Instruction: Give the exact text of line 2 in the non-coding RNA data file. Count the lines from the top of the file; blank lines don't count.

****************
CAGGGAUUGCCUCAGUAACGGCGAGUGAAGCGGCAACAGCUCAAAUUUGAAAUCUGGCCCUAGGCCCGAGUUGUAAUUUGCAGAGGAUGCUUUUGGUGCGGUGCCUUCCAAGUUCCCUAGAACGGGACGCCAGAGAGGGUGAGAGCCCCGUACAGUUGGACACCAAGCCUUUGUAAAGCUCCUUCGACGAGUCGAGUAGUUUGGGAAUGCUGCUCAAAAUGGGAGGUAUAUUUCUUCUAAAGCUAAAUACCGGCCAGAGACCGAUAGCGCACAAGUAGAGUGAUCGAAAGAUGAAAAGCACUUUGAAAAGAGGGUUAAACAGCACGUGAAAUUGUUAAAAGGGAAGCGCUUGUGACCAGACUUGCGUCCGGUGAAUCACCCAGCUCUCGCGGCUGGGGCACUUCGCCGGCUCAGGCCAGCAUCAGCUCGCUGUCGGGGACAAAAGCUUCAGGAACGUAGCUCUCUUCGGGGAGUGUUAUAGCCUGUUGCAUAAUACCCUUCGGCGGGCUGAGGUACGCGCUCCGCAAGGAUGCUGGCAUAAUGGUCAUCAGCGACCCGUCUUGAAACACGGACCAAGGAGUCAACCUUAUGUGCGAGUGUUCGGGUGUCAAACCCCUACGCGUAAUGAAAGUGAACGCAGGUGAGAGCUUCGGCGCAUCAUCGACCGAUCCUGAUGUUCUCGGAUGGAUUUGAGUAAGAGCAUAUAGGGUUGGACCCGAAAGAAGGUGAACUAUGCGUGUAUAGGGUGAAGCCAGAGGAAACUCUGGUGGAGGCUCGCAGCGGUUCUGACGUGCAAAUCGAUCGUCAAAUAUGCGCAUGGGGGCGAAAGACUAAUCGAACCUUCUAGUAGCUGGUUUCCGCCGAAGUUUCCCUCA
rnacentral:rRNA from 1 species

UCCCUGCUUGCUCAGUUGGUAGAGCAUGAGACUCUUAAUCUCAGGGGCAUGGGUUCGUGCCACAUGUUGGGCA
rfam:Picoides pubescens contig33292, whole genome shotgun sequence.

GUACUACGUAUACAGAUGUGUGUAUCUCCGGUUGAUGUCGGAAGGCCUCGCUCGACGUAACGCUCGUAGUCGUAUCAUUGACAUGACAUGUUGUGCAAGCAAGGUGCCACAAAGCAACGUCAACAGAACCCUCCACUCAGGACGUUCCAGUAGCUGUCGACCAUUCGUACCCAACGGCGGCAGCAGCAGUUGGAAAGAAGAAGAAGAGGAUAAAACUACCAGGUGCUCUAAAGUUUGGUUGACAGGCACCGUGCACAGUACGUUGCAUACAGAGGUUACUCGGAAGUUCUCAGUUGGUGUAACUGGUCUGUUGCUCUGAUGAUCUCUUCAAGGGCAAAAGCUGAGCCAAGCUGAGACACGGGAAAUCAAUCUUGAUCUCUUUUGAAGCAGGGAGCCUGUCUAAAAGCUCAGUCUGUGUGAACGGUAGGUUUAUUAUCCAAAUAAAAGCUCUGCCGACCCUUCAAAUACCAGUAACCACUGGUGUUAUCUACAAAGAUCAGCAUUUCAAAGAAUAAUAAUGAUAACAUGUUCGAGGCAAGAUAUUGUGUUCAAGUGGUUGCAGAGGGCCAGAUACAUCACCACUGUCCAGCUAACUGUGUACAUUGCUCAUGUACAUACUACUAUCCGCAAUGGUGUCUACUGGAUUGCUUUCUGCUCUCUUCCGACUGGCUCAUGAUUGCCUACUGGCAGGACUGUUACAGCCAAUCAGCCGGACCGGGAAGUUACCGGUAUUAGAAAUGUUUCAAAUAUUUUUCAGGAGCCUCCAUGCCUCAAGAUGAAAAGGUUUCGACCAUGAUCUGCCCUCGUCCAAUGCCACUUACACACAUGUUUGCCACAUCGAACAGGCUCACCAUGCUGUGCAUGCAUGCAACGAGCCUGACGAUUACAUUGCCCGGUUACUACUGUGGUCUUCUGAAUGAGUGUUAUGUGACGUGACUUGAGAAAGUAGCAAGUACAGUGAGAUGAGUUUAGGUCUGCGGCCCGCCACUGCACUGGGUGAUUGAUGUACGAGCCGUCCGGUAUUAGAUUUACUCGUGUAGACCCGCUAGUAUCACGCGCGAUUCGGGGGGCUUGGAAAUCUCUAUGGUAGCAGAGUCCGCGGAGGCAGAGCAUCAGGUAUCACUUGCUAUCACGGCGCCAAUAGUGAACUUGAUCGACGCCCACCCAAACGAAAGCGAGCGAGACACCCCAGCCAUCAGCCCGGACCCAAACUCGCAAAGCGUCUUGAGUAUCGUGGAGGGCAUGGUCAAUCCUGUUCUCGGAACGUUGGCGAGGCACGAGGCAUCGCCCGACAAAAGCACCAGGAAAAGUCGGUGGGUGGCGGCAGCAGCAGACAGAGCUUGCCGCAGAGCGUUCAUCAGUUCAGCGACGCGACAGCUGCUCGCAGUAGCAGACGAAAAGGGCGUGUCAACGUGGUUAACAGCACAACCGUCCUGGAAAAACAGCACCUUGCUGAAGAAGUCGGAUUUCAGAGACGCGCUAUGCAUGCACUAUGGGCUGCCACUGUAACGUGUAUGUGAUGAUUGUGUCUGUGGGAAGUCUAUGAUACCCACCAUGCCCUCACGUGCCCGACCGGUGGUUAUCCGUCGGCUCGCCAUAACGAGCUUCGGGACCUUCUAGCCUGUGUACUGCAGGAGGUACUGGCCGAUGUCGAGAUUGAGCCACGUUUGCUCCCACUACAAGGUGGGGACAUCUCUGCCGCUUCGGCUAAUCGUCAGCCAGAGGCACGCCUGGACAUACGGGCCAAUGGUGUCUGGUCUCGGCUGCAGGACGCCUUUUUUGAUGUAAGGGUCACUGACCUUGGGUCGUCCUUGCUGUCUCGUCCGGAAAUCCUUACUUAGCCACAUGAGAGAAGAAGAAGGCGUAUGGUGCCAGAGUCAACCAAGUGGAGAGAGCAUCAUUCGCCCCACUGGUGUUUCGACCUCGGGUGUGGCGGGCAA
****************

rnacentral:rRNA from 1 species